‘Pretty Baby: Brooke Shields’ recounts actress’s childhood trauma

Shields has won many awards throughout her career, including the GLAAD Media Golden Gate Award in 2002. Photo courtesy of @BrookeShields, Twitter

Celebrities speaking out about their traumatic experiences throughout stardom has only recently become a topic of interest. “I’m Glad My Mom Died” by Jennette McCurdy and “Friends, Lovers, and the Big Terrible Thing: A Memoir” by Matthew Perry are two examples of stories that took audiences by surprise, and recently Hulu released a documentary titled, “Pretty Baby: Brooke Shields” that follows the story of her career and personal life. 

Shields, famously known for her beauty and roles in movies such as “Pretty Baby” and “Blue Lagoon,” is the narrator of this two-part documentary. Both episodes are about an hour long and start with warnings of mature themes, recommending viewer discretion.

The documentary involves interviews and notes from experts, friends and authors, focusing on Shields’ rise to fame as a child model and actor as well as the impact the industry has had on her life. Modeling since the age of 11 months, Shields was thrown into the industry before she even had the chance to consent.

She appeared in commercials and advertisements, and eventually moved to acting as she grew older. The documentary provides old footage of interviews and pictures from photoshoots, which tremendously helped me as a viewer understand the time period and what exactly Shields was doing. 

The first episode dove into femininity and the sexualization of young girls in the media. It was incredibly informative. We were presented with great historical background, with speakers who had knowledge of the period as well as images from protests and magazine covers. 

The photos shown of Shields as a child were shocking, and honestly gross and creepy. It was insane to see what these people had a minor wearing and how they posed her. There was even a magazine cover we were shown that was titled, “America’s Newest Sexy Kid Star!”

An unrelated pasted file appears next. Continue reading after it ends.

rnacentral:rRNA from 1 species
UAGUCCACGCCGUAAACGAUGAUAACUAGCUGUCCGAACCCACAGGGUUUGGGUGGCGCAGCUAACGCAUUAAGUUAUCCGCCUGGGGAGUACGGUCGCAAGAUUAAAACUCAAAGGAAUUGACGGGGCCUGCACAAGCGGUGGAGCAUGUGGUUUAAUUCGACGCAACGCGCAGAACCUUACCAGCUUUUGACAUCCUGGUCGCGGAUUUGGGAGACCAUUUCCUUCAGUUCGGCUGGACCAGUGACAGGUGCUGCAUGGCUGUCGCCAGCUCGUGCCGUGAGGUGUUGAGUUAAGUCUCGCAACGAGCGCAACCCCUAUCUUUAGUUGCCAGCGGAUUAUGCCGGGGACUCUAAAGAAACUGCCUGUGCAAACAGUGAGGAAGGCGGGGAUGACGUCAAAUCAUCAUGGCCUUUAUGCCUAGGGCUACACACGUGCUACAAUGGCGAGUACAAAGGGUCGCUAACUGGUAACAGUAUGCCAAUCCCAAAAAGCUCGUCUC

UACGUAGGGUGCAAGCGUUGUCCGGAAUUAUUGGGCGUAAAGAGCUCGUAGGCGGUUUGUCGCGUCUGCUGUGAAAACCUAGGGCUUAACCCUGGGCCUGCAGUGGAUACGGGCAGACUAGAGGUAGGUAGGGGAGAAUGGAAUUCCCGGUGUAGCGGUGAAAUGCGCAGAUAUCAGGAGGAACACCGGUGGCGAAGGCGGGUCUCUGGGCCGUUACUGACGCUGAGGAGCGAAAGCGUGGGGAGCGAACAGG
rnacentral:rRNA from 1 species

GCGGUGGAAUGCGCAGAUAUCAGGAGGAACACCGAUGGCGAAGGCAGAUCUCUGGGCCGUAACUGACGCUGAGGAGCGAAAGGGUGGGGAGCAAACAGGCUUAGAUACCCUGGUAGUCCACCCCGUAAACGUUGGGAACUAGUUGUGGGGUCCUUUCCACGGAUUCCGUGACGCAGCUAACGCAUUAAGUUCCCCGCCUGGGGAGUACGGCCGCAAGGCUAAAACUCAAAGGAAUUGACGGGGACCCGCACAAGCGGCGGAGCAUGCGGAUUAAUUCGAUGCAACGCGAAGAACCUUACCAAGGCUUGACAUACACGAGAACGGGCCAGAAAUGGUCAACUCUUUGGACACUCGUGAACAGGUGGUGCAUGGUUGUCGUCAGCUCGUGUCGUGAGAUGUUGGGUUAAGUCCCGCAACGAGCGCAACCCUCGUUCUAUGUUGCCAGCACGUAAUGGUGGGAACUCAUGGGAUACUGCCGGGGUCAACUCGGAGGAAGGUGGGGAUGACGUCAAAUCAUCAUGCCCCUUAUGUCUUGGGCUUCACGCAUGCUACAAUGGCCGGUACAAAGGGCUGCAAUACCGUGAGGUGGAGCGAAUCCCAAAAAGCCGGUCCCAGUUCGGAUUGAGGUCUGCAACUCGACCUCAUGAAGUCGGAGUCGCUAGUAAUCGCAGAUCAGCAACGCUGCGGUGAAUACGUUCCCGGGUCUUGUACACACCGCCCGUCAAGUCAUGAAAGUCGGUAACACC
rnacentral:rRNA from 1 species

Of course, these controversial pictures would not have been possible without her mother giving the okay, which is another aspect of Shields’ life that the documentary covers. Teri, her mother, was an alcoholic and was pushing her daughter to do all of these questionable things. 

She was only 11 when she starred in “Pretty Baby,” a movie that is set in a brothel. Shields appears nude twice within the film. She was 15 when filming “Blue Lagoon,” where she is naked almost the entire time. At 16, she was inappropriately posed for Calvin Klein, which boosted the company’s sales by 300% in only three months. At only nine, she posed completely nude for her mother’s friend who then sold the pictures when she grew older. 

These facts were horrifying and opened my eyes to how the system ran at that time. The documentary’s use of experts on feminism and the media was perfect, as they explained how these controversial roles were not just a fault of Teri Shields, but the system as well. They had outstanding insight into the entire situation.

Part two of the short series focused more on Shields growing into adulthood, and we saw as she went to college, wrote books, got married and had children. This second half I found to be much more relatable as a college student, and I thought it was incredibly important as it showed celebrities as people with real struggles and feelings rather than just a prop, which was what Shields was seen as when she was a child and young adult.

She talked about her battles with dissociation, religion, image and motherhood. However, the themes of exploitation, independence and women being seen as objects did not go away. Shields shared a story in which she was taken advantage of by a man of higher power all while the media was obsessed with the idea of her being a virgin. 

It was a very tough documentary to watch, as it brought up uncomfortable topics and even showed photos that made me uneasy. I argue that it was vital, though, as no one truly understands the nightmares children and women experience in the media industry until they see it.

I recommend this documentary to anyone interested in media and celebrities, but also to those who are willing to educate themselves on the horror that is in the industry. It was so enlightening and, although hard to watch, was quite entertaining. 


5/5 Stars



Image courtesy of @iHeartPodcasts, Twitter